Stocks came under pressure in Asia and U.S. equity futures retreated after Japan reported two deaths from the coronavirus and cases in South Korea jumped, spurring concerns about the spread of the disease outside China.
Futures on the S&P 500 Index were down along with the offshore yuan after the Japanese report.
The dollar rose against most Asian currencies, and held near the strongest against major counterparts since May 2017.
Australia’s dollar reached its lowest against the greenback since the global financial crisis after a monthly jobs report underscored slack that may keep monetary policy easy.
Treasuries edged up.Japan’s Topix earlier climbed as much as 1.2% after an overnight tumble in the yen boosted prospects for exporter earnings.
The yen slumped past 111 per dollar with little immediate trigger; market participants ascribed a host of reasons, ranging from disappointing economic news to early positioning before the fiscal year-end next month.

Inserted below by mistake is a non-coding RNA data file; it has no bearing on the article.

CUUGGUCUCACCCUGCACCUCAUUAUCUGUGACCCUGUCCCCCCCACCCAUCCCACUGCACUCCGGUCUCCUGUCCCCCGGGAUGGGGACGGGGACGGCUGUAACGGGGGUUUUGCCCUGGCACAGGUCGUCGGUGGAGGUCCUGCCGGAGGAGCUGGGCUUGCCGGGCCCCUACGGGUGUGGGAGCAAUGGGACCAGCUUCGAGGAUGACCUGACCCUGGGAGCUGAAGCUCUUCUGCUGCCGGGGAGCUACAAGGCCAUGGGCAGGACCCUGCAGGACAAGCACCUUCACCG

The currency Thursday took back a sliver of the biggest losses since August.
While the number of new coronavirus cases in China continues to come down — epicenter-province Hubei reported a steep drop Thursday, though that was tied at least in part to another change in methodology — those outside are sparking alarm.
Japan, which has come under criticism for insufficient efforts to contain the disease, said two people from a quarantined ship have died.
“Over the next couple of months we are going to see very bad economic data coming out of China and the rest of the Asian markets,” Suresh Tantia, senior investment strategist at Credit Suisse, told Bloomberg TV in Singapore.
“Analysts are likely to revise down the earnings estimates. So, after this rebound, we don’t see much value in Asian markets.”
Elsewhere, oil gained as U.S. sanctions on Russia’s largest producer and conflict in Libya put the focus on supply threats.